The Fabulous Forager

Hey, everybody! I hope someone sees this…

Pretty soon I’m going to be starting a new blog called “The Fabulous Forager.” It’s going to be a light-hearted look at the more luxurious elements of hunter-gatherer life (sleeping on a bed of furs, anyone?) with an emphasis on girly-girl stuff like fashion, makeup, and jewelry. The idea is to use humor to dispell the widespread notion that tribal life is “nasty, brutish, and short.”

Now here’s the thing: I don’t actually know anything about primitive fashion, makeup, and jewelry. I’ve read primitive skills books, sure, but they always focus on the really basic stuff like making fire and building shelter. Sometimes a guide to edible plants will mention in passing that this one particular plant has berries that were used by some Native American group or another to make paint… but of course, it never explains how. I am not yet the “fabulous forager.” As my screen name suggests, I’m the prissiest primitivist. I aspire to be the fabulous forager, but I’m not there yet. Mainly, I’m going to be learning as I go; if I write an article about, say, how various hunter-gatherer women take care of whatever body hair they want to get rid of (for instance, I’ve heard of clamshells being used to pluck eyebrows), that’s probably because I just learned about it the week before.

So this is a general call-out for information. If you know any nifty tidbits about primitive luxury that you’d like me to know/write about, please post them here! And if you know of any websites that specialize in that sort of thing, please post those links as well.

Oh, and, er, also if you can find any campy pin-up girl-style pictures (for example, a glamorous woman wrapped in fur and/or feathers) that Jason could use when he designs the logo for the new blog… that would also help a lot. :wink:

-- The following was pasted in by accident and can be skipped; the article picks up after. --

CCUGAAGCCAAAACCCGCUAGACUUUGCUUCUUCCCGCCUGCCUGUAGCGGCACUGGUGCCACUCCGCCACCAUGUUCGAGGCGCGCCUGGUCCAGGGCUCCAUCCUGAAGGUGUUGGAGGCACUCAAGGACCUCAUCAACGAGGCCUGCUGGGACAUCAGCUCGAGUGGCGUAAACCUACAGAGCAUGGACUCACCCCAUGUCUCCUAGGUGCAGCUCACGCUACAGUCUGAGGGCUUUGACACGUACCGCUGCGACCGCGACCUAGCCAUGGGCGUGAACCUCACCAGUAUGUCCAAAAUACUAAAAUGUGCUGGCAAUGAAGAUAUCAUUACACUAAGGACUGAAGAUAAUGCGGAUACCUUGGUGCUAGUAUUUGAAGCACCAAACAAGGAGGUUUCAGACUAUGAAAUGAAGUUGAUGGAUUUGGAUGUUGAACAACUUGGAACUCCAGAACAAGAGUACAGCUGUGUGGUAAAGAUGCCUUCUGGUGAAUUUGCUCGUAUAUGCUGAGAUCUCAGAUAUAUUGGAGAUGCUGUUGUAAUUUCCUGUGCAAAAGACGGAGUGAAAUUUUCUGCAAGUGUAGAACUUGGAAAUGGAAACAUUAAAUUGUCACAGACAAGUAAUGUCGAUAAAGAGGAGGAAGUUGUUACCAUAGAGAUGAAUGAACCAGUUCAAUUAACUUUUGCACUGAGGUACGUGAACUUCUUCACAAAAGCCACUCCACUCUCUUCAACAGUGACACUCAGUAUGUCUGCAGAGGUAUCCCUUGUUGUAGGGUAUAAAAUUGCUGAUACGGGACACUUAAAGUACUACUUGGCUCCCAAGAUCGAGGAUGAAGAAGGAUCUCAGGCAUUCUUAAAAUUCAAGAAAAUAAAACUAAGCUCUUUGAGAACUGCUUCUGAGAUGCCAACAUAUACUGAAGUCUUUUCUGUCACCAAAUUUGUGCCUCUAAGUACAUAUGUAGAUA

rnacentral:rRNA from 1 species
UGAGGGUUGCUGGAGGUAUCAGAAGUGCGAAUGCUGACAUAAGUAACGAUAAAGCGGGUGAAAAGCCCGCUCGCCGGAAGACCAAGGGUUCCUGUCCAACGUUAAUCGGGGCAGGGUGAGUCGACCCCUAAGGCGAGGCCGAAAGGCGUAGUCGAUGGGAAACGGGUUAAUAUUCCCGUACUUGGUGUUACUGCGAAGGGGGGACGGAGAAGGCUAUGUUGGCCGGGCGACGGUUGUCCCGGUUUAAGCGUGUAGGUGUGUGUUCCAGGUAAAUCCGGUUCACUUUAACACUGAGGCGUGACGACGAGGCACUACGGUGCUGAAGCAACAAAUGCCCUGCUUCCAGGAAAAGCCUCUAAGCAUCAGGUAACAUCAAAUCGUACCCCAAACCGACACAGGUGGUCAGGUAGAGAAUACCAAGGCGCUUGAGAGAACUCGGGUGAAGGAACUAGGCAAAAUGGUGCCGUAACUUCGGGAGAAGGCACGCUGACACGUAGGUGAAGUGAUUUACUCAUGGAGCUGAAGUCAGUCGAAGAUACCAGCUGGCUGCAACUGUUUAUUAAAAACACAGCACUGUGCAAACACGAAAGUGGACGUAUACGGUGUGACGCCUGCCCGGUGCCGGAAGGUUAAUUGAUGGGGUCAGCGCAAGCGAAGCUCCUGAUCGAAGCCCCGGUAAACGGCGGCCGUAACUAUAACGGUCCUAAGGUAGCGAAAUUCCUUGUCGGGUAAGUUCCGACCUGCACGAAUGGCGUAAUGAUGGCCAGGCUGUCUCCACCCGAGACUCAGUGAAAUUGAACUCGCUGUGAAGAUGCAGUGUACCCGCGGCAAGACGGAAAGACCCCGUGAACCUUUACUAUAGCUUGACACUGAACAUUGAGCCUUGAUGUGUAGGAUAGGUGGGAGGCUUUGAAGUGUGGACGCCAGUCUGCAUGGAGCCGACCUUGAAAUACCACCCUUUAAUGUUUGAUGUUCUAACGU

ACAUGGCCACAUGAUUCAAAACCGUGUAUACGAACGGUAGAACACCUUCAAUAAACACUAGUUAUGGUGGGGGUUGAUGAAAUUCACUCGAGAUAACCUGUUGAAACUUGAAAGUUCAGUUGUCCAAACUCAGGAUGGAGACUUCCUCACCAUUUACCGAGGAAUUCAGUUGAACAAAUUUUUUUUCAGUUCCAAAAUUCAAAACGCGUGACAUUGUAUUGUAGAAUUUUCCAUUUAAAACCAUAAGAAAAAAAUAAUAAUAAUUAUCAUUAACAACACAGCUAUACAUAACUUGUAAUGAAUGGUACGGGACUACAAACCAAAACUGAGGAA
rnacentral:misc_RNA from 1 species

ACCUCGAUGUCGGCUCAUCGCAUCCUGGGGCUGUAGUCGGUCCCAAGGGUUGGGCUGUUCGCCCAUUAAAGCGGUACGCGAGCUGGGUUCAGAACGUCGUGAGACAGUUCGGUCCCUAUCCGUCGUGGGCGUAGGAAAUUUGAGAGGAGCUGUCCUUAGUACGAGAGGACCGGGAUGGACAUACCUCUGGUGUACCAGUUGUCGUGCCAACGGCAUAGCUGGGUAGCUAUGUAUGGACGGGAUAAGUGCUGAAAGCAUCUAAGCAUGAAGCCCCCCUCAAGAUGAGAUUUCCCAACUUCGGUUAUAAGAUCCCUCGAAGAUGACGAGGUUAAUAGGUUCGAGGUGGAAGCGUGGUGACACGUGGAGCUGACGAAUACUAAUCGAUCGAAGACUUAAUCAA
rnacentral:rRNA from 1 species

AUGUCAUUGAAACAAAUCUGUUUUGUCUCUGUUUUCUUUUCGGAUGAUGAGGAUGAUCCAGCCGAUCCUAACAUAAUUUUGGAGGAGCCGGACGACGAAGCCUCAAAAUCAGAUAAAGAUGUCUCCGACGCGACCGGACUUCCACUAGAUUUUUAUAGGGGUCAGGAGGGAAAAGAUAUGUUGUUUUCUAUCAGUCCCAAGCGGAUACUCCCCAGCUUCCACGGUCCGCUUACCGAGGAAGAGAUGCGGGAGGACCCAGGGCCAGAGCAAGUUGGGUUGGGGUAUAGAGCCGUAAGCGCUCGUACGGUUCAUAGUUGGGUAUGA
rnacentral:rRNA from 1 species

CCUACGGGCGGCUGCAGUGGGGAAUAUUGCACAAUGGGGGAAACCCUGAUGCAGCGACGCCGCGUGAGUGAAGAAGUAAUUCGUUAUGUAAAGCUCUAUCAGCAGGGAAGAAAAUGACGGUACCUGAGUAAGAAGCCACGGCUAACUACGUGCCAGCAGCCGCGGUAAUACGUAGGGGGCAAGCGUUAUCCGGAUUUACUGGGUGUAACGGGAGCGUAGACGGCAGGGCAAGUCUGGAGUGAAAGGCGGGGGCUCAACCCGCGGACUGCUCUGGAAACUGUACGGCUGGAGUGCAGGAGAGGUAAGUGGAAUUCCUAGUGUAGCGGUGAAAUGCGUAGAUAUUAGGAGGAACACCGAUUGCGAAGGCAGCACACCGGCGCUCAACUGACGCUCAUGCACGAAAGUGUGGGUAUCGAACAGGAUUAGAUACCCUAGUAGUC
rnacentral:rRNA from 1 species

That is hilarious and super cool. really, pretty damn funny, Il like the idea. I find alot of the primitivists “humourless”. seriously I like this one.

You should be the campy pin-up girl-in-furs in the logo.

this is an awesome idea, giuli!

i’ll keep an eye out in my field guides. just off hand, i remember that mullein leaves were used to rough up the cheeks and make them rougey.

so are you going to try out these pretty primitive processes before you blog them to give us the first-hand perspective?

post the address here once you’re ready. i’m sure lots of us will be happy to add you to our blogrolls.

also, if you’re going to use a creative commons license (or otherwise won’t mind releasing your work) i’d be happy to put your articles on the wiki. or if you’re game, feel free to put them in the field guide yourself. wiki markup isn’t too hard to figure out.

Hey Guili, you down with OPP? (other prissy primitivists? ;D)

Glad to have you here! I can’t wait for your blog. Totally awesome.

I found one of storm’s articles on making pendants from soft stone and copied it to the wiki.

Not quite luxury, but some fabulous adornment.

I can try to help out. It’s true about the mullein leaves. If you rub your cheeks for a minute the redness will last for hours. I read about a face powder made of dry rot wood. And then there is greasing the hair with bear grease or sunflower oil. Doesn’t sound too pleasant to me but then I never liked using “product”. I like to make necklaces out of porupine quills and stick feathers through my ears and such. I’m sure I can find lots of information on herbal beauty treatments for nice skin and hair.

I’ve had similar ideas but not-girly related. Like I want to make a primitive lazyboy with a beer holder and everything. I also want to make a primtive hot tub.

I’ve read about Kohl being used in Asia/Africa. I believe that dates back a really long time. It’s used for beauty as well as sun protection. You apply it around your eyes.
Henna has a really long history as well in Asia/Africa. It’s used on hair and skin for beauty, sun protection, strength and cleanliness.